Who made it racist in here?


    As you all might know by now, I'm on Tiktok (@keilatiradoleist)! It was a decision I made on a whim for my 36th birthday in 2020. I had heard lots of things about the app and started an account for my small business, Vida Botanicals. It didn't take very long for me to realize that the app is all about the powerful algorithm. It is such that once you begin interacting with accounts that you are interested in and relate to, that is all you will see on your 'for you page' aka fyp. Unlike Instagram and other popular apps used for marketing, TikTok is unique because it allows users to grow more quickly and in an organic way. For example, when I began posting, I knew that I would be sharing post relating to my business niche, which is clothing, natural dyeing etc. And when I posted my first natural dyeing tutorial with avocado pits, it blew up on there! I quickly gained hundreds of followers and views on my videos. This continued on until I had my own growing community there with similar interests. It was wonderful because as I posted more tutorials and natural dyeing tips, I also gained customers.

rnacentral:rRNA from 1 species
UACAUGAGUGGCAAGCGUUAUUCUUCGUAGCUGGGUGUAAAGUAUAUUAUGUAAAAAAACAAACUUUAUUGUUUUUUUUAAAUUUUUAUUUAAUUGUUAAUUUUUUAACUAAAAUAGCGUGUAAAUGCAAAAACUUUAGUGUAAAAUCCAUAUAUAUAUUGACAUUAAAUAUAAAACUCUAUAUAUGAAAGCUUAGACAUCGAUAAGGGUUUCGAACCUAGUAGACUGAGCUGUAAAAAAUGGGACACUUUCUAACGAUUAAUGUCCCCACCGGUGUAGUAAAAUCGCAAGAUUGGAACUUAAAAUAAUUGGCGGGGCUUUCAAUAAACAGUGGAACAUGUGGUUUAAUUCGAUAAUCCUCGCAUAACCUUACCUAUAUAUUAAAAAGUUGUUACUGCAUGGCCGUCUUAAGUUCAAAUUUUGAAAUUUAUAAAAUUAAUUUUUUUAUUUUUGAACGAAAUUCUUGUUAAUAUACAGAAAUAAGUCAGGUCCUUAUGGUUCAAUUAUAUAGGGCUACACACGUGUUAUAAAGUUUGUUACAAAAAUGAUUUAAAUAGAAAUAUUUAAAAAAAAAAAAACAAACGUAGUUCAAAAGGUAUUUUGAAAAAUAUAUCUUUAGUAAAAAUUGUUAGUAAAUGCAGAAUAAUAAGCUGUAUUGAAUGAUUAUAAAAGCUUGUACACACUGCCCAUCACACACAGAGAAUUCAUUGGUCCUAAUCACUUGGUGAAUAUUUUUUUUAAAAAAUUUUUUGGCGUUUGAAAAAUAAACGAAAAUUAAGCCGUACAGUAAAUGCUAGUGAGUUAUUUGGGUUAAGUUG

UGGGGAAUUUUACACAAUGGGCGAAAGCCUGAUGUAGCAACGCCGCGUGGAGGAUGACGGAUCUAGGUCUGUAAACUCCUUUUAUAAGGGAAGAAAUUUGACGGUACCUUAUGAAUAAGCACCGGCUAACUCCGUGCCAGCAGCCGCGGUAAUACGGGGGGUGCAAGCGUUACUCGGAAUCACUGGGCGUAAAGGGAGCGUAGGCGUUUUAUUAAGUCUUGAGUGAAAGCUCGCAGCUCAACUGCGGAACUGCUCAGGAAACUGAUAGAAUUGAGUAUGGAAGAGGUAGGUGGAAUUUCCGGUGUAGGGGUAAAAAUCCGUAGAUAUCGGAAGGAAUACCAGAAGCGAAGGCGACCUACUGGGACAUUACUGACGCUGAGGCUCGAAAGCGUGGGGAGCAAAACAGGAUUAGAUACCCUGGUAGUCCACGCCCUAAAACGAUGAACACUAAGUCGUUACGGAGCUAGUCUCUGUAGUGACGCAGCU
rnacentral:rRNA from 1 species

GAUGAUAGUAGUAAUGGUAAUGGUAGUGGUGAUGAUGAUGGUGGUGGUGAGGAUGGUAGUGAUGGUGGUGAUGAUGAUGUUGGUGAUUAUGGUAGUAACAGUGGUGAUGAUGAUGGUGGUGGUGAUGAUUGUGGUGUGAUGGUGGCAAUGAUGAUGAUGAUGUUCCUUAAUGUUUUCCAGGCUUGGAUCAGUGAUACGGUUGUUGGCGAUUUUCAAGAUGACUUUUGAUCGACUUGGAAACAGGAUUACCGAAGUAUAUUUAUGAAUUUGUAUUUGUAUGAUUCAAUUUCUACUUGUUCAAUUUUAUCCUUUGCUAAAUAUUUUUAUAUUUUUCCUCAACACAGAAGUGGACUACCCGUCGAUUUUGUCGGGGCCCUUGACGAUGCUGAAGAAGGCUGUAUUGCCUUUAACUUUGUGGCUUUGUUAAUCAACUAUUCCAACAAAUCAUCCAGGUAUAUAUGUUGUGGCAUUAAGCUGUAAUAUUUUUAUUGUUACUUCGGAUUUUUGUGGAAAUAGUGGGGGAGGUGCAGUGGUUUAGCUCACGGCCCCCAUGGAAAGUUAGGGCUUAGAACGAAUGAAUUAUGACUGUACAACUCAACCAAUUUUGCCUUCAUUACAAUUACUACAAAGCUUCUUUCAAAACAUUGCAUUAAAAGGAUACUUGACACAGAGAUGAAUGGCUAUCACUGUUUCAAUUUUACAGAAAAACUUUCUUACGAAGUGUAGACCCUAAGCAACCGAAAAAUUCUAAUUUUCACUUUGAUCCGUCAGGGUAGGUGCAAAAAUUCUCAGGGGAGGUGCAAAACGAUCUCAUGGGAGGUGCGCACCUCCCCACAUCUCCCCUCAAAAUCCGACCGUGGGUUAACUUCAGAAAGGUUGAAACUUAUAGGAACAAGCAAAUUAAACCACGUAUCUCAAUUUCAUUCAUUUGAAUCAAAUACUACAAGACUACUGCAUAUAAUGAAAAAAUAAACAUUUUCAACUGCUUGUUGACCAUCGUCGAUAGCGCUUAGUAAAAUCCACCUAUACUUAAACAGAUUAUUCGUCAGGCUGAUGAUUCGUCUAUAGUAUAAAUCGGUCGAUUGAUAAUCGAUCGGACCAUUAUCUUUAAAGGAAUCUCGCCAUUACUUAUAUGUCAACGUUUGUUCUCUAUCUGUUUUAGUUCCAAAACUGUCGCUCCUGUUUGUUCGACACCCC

I began sharing more of our home and garden, but because of the algorithm I started seeing an overlap that was hindering the flow of traffic to my small business. I asked my followers if I should start a new account and the concensus was that it would be a good idea. It was around the end of summer 2021,  that I split my account and made a personal one to share home + garden content. I have always loved sharing snippets of our home, garden, fashion and I was excited for that decision. I took a bit of a posting break on all of my social media accounts and began to take it more seriously towards the end of the year. That's when my videos began to gain hundreds of thousands of views and hundreds of follows. I started to notice a trend, however, when I hashtagged certain words and shared videos of our home on both my Instagram and Tiktok. Although our home was built in 1950 by a local thoracic surgeon, it was modeled after an 1800's colonial, down to the home library. It gives very much Nancy Myer's traditional home in the 90's and that is what made me fall in love with our home and the land surrounding it. It was absolutely stunning, and the materials used were such high quality that I couldn't believe the house was still on the market!